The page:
Deterministic Public-Key Encryption for Adaptively Chosen Plaintext Distributions
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CitationRaghunathan, Ananth, Gil Segev, and Salil Vadhan. 2013. “Deterministic Public-Key Encryption for Adaptively Chosen Plaintext Distributions.” Lecture Notes in Computer Science 7881: 93–110.
AbstractBellare, Boldyreva, and O’Neill (CRYPTO ’07) initiated the study of deterministic public-key encryption as an alternative in scenarios where randomized encryption has inherent drawbacks. The resulting line of research has so far guaranteed security only for adversarially-chosen plaintext distributions that are independent of the public key used by the scheme. In most scenarios, however, it is typically not realistic to assume that adversaries do not take the public key into account when attacking a scheme.
We show that it is possible to guarantee meaningful security even for plaintext distributions that depend on the public key. We extend the previously proposed notions of security, allowing adversaries to adaptively choose plaintext distributions after seeing the public key, in an interactive manner. The only restrictions we make are that: (1) plaintext distributions are unpredictable (as is essential in deterministic public-key encryption), and (2) the number of plaintext distributions from which each adversary is allowed to adaptively choose is upper bounded by \(2^ p\) , where p can be any predetermined polynomial in the security parameter. For example, with p = 0 we capture plaintext distributions that are independent of the public key, and with p = O(s logs) we capture, in particular, all plaintext distributions that are samplable by circuits of size s.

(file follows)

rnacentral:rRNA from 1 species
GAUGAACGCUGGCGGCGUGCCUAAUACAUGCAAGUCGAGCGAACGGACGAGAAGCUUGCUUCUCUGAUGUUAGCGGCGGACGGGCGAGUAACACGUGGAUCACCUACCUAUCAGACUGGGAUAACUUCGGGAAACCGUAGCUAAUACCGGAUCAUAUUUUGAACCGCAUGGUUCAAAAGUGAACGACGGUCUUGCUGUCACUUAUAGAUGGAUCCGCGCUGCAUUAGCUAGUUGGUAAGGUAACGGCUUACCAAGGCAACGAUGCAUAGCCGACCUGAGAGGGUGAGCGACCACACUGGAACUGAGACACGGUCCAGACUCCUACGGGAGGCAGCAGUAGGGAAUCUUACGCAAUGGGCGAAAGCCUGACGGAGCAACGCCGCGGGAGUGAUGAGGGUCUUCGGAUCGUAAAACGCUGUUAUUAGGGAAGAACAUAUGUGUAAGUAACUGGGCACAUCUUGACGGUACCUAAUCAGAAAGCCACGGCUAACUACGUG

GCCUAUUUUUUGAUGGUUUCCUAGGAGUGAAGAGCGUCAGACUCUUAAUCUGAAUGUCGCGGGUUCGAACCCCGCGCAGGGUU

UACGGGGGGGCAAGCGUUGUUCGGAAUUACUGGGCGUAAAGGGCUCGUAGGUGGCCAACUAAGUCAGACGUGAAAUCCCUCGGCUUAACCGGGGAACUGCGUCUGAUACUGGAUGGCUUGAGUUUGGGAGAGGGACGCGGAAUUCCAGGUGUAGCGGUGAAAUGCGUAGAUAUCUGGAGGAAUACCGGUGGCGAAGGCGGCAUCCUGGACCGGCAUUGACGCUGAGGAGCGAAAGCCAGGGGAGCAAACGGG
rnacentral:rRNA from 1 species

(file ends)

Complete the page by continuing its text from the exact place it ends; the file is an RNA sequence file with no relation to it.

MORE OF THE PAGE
Within our framework we present both constructions in the random-oracle model based on any public-key encryption scheme, and constructions in the standard model based on lossy trapdoor functions (thus, based on a variety of number-theoretic assumptions). Previously known constructions heavily relied on the independence between the plaintext distributions and the public key for the purposes of randomness extraction. In our setting, however, randomness extraction becomes significantly more challenging once the plaintext distributions and the public key are no longer independent. Our approach is inspired by research on randomness extraction from seed-dependent distributions. Underlying our approach is a new generalization of a method for such randomness extraction, originally introduced by Trevisan and Vadhan (FOCS ’00) and Dodis (PhD Thesis, MIT, ’00).
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